For the first time, the Vulkan Files provide insight into Vladimir Putin's plans for cyber-warfare.

Five Western intelligence agencies also confirmed the authenticity of the documents. Most of those agencies have been keeping an eye on Vulkan for some time because of the work the company does for intelligence agencies. Vulkan appears to be part of the opaque military-industrial complex in which Russian intelligence agencies work closely with more than 40 private IT companies. One of their goals is to develop highly effective cyberweapons that can be used against all those that the Kremlin has identified as Russia’s enemies. Especially, of course, in the West.

"Russia is in our networks,” warns Wolfgang Wien, deputy head of the Bundesnachrichtendienst (BND), Germany’s foreign intelligence agency. Countries ensure that their hackers are well-prepared, he says, so that they can deploy quickly when ordered to do so.

It’s a frightening thought, one of many that arises when one dives into the dark world of hackers, agents and saboteurs. Another: Russian cyberwarriors don’t just hunker down in their secret bunkers and hidden headquarters somewhere in Moscow. Some have obtained jobs at multinational companies, including some in Germany. DER SPIEGEL has been able to track down former Vulkan employees at SIEMENS and at a BASF service provider, in addition to Trivago and The most concerning trail, however, leads to Dublin, into one of the centers of the European tech industry.

Ranelagh is a prosperous suburb in southern Dublin full of pleasant pubs and trendy restaurants with names like Butcher Grill and Firebyrd. Victorian villas contain foreign embassies, while the smaller brick houses with white window frames are frequently occupied by employees of Google, IBM and Meta – whose headquarters are only a few minutes away.

Sergey N. lives in one of these homes, a 35-year-old who seems younger than his age when he opens the door. Sergey N.’s commute is manageable, with less than a 30-minute drive to Amazon Web Services (AWS), an Amazon subsidiary with $80 billion in annual revenues that is the world’s largest provider of cloud computing. Many of the largest companies in the world store their information, and even much of their IT needs, with AWS, including Netflix, Vodafone, NASA, the U.S. Navy and most of the companies listed on Germany’s blue-chip stock index DAX, from Allianz to Volkswagen. A huge portion of the global internet runs though AWS servers – as does Ukrainian government information.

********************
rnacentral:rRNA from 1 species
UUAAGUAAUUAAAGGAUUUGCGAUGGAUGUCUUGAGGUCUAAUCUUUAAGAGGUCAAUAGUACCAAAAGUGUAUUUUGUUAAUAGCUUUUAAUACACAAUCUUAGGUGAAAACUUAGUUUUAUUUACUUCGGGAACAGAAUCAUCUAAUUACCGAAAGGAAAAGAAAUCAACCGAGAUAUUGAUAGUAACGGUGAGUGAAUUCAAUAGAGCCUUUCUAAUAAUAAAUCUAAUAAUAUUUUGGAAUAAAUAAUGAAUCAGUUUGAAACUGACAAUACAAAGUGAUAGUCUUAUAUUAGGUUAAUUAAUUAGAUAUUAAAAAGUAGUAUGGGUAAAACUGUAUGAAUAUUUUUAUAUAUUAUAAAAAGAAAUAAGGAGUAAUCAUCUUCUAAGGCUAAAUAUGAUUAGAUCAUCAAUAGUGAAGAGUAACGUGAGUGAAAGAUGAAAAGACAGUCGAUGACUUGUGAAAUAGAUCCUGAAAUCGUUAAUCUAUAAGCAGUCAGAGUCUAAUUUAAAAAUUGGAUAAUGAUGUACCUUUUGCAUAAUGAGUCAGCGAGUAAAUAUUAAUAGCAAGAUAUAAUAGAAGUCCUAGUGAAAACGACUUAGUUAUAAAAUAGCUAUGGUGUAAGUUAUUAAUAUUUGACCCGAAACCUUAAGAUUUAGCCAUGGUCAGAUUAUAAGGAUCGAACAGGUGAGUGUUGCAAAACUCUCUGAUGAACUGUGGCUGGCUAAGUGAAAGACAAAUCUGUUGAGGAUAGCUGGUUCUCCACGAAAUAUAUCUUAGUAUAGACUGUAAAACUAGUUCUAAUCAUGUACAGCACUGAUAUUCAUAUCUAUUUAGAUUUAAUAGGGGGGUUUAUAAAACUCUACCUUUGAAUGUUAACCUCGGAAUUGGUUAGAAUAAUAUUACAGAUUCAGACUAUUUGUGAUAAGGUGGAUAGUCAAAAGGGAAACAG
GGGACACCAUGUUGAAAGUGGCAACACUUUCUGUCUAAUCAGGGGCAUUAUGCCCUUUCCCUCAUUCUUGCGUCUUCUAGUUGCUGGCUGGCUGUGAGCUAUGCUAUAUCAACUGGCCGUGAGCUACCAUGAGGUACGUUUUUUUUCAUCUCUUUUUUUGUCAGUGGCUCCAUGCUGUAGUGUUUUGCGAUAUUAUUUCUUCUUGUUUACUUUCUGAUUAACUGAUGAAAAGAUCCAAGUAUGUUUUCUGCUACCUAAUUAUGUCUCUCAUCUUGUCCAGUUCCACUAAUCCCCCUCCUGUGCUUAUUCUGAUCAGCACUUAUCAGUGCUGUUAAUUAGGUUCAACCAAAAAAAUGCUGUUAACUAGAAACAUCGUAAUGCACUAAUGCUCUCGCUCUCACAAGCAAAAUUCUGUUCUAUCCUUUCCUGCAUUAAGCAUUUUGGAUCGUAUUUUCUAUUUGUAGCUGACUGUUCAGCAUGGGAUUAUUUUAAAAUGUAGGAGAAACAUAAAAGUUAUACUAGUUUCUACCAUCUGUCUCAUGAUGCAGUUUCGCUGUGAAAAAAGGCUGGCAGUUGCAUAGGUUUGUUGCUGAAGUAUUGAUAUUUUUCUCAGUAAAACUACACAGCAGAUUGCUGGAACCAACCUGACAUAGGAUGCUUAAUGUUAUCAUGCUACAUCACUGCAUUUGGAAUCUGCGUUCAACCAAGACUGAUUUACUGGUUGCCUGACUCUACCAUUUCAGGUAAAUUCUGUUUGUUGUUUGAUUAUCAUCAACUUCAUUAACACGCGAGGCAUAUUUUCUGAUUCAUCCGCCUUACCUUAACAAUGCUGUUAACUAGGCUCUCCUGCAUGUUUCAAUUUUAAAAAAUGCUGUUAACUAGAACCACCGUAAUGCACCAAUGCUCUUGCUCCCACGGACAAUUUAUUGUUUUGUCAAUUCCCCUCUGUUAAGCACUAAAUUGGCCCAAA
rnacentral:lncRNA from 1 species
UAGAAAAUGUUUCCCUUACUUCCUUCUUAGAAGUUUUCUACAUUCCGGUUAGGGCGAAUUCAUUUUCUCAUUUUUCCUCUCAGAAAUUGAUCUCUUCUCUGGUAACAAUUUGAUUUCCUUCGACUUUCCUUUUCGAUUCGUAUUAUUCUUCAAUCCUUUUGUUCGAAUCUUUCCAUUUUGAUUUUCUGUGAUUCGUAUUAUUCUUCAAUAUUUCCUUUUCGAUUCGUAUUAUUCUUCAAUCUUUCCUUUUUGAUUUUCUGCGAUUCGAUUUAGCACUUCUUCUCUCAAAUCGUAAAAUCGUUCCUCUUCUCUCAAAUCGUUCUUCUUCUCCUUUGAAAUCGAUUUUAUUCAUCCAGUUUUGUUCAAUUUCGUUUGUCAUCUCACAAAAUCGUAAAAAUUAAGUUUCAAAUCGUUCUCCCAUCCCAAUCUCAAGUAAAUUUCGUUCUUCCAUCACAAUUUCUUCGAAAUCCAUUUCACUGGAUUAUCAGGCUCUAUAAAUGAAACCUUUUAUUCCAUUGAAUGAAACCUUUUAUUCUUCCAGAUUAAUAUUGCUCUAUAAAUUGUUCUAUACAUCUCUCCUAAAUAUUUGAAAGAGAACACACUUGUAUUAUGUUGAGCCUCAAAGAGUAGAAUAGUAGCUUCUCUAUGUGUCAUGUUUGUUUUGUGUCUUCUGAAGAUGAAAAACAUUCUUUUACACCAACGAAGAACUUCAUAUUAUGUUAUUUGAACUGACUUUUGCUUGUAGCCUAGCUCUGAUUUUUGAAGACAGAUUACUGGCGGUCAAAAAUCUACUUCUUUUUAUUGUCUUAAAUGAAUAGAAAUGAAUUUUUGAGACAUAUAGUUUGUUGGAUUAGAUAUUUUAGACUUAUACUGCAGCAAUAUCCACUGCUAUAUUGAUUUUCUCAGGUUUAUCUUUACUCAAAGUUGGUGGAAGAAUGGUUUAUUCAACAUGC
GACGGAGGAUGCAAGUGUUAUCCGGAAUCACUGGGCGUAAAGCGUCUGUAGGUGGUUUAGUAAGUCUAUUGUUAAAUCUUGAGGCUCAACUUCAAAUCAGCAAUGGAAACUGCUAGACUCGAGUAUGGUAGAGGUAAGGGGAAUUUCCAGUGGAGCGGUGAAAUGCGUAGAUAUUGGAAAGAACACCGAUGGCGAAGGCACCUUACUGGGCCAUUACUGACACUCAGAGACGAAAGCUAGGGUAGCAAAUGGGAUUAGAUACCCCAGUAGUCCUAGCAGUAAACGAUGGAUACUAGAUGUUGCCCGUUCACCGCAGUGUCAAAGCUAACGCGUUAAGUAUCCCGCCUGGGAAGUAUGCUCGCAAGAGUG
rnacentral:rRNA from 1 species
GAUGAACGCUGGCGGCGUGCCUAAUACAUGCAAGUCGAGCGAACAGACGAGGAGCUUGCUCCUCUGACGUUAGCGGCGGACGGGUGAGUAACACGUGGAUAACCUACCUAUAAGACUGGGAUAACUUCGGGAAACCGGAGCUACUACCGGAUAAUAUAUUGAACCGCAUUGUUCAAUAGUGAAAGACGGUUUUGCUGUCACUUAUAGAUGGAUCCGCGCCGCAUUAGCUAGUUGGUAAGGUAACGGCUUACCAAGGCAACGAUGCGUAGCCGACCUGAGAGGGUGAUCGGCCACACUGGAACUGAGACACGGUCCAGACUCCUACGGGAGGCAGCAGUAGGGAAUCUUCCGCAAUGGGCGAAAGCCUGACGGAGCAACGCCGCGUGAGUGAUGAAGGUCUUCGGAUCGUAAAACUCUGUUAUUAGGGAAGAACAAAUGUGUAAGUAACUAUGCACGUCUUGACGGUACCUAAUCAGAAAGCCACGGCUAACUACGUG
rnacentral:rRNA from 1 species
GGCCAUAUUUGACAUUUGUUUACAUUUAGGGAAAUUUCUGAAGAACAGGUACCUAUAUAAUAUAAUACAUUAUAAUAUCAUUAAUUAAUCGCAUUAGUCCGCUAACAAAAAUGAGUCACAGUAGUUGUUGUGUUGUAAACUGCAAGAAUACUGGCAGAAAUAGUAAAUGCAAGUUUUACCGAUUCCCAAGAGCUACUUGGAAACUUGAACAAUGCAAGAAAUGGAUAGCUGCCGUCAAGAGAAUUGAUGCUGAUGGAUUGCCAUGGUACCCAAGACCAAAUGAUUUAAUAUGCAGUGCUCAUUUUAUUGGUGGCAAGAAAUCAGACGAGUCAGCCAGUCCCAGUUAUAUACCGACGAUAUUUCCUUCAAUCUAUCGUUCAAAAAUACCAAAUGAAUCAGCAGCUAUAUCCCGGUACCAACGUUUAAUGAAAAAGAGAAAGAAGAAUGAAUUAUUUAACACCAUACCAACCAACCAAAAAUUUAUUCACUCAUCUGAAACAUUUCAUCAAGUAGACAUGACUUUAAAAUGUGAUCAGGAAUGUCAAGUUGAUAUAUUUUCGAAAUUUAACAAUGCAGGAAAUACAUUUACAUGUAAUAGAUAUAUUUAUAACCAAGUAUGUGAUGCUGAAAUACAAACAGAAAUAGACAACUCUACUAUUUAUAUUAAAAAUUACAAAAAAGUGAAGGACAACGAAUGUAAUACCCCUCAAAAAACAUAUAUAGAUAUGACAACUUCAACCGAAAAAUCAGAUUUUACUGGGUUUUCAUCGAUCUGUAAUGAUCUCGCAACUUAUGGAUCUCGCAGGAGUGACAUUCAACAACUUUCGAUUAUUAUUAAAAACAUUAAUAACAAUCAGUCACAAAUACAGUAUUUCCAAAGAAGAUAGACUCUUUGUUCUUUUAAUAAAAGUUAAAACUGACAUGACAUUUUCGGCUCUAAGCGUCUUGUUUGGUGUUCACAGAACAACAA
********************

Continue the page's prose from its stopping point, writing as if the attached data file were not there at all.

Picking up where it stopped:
Sergey N. is a "senior software development engineer.” To get the job, he no doubt had to go through numerous selection rounds. Amazon can take its pick of the best programmers in the world, and Sergey N. has plenty of experience: He held a leadership position at Vulkan as chief developer.

AWS apparently hired him in 2018, long before the invasion – at a time when it seemed completely unproblematic to hire experts from Russian IT companies. Particularly from those like Vulkan that seemed inconspicuous. A company PR film notes that employees of Vulkan can "change the world for the better.” It currently employs 135 people.

For the seven years Sergey N. worked there, though, changing the world for the better wasn’t apparently a priority. The projects he worked on included a system called "Scan-V,” a software program that IT security experts and several Western intelligence agencies believe is "offensive” in nature. In other words, it can be used to attack other countries through the internet.

That is one of the things we hope to discuss with Sergey N. when he opens the door. "We are journalists from DER SPIEGEL and we are working on a story about a company named Vulkan. You worked for that company. Could we ask you a few questions?”

Sergey N. seems taken aback, and the expression on his face is a mixture of fear and confusion. He doesn’t want to answer any questions.

"Do you know about the system 'Scan-V?’” His eyes widen in apparent shock. "No, sorry.” He then shuts the door.

Reporters around Europe knocking on the doors of dozens of former Vulkan employees had similar experiences. Most of them didn’t want to talk about their former employer. It remains unclear whether that reticence is due to fear of reprisals or out of concern that their cover could be blown.

The example of Sergey N. raises a number of disturbing questions. What is a Russian cyberwar specialist doing in a company that takes care of the IT needs of hundreds of leading companies, the infrastructure of which is one of the pillars of the global internet? Did AWS not know what Sergey N. had worked on in Russia? Or did it not want to know? One leaked document from June 2019 includes comments signed in his name – at a time when he says he was already working for AWS. When approached for comment, the U.S. based company said only that the security of its customers’ data is its highest priority.

Siemens, where DER SPIEGEL also located a former Vulkan employee, provided a similar response, saying merely that the company takes the issue seriously, but was unable to provide information about specific employees for reasons of data protection. The integrity of job applicants, the company added, is investigated to the degree permitted by law. IBM commented that its business ties with Vulkan came to an end in 2020.